A peek into the new reality of digital customer experience, and the role of real-time data and analytics.
The socio-economic impact of COVID-19 provides a glimpse of a future reality where digital channels become the primary means of driving a business forward.
This makes it crucial for business to effectively leverage customer data and digital behavior to better engage them online in the ‘new normal’. Like it or not, the digital economy is upon us!
To find out how real-time data and analytics can help businesses in the region navigate the current landscape and prepare for the future, DigiconAsia discussed a few questions with Mimrah Mahmood, Senior Director & Partner at media intelligence firm Meltwater.
Should businesses in Asia Pacific double-down on adoption of digital tools and solutions in the current landscape? Why?
Mimrah: By now, most, if not all, businesses should already be using some sort of digital technology in their day-to-day operations. We’re well into the 4th Industrial Revolution, and it calls for a fundamental change in the ways that we live, work, and interact with each other.
Technology is evolving at a pace we’ve never seen before. Amidst the pandemic, the world has made five years worth of progress in consumer and business digital adoption in just eight weeks. Although 73% of APAC organizations are currently in the early to mid-stages of digital transformation, a new survey by Ernst & Young reports that in two years’ time, 87% of them will be well advanced on their digital transformation journeys, ahead of their counterparts in Europe and the Americas.
So, the clear answer is yes. To keep up with competitors, to stay relevant across the landscape, to retain talent and to attract customers, business must double-down on digital solutions – and they should have started yesterday.
How could organizations leverage real-time data to stay agile in a crisis such as the COVID-19 pandemic?
Mimrah: The key behind real-time data is exactly that: it’s real-time. In the midst of the pandemic, customer behavior is constantly changing and, in many cases, for good. Now that familiar patterns and norms have been subverted, businesses have to make sense of this new normal, continuing to run operations smoothly, respond to customer demands, and meet employee expectations all while segueing into an unprecedented consumer climate.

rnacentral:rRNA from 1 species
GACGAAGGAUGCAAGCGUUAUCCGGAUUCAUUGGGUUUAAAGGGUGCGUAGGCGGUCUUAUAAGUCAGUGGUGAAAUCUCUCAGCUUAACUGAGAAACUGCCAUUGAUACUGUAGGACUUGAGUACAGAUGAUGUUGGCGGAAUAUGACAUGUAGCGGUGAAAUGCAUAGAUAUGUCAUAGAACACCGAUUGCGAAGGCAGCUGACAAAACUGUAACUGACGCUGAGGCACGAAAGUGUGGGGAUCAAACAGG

In this rapidly evolving landscape, businesses need to be in the loop of community conversations to stay on top of the latest and emerging industry trends, and to ensure they are never caught off guard. For example, while it might have been difficult to foresee a worldwide pandemic and fully grasp its implications, a recent Meltwater analysis of Singapore’s online and media community shows that conversations around digital payments have been on the rise since COVID-19 first reached our shores in January. Businesses that notice these trends can become early adopters, ensuring that they lead the change instead of being left behind.
This ability to evaluate changing industry and competitive factors in real time allows brands to surface threats and opportunities as they arise, enabling business leaders to make proactive decisions.
How should organizations merge external data with internal business insights to better guide decision making? Why is “outside insights” business-critical?
Mimrah: External data and internal business insights work hand-in-hand to give businesses a 360-degree view of the landscape they’re operating in. The problem is that businesses can sometimes neglect the value of outside insights. Since internal data typically comes from looking at owned customer data and historical performance metrics, using just that is like driving a car while looking only in the rear-view mirror.
External data scrutinizes online breadcrumbs – such as comments left on a brand’s social media page, or trending topics across the new or social media platforms – to offer a comprehensive understanding of a brand’s position in the wider industry. Listening tools like Meltwater leverage artificial intelligence and machine learning to analyze, provide context to, and derive insights from the massive amount of external data found on the internet. These outside insights supplement internal businesses data. Together, they broaden a business’s perspective and allow them to make more informed decisions.
What, in your opinion, is the role of data and analytics in the ‘new normal’ business world?
Mimrah: In the midst of rapid changes, immediate access to industry trends and performance insights can become the difference between the company that thrives amidst the pandemic and one that is forced to shut down. Data can help businesses make key decisions, reach its customers, connect with other businesses, and stand out as a leader.
We know that the future of product discovery is customer-centric. Without data on customer search trends, consumer behavior, and social listening, how can brands speak to their customers? Without data on industry trends, competitor performance and product landscape, businesses cannot forge ahead as leaders in their field.
Analytics is crucial because today’s insights can drive solutions for tomorrow, and it’s something that can be accessed and leveraged across an enterprise.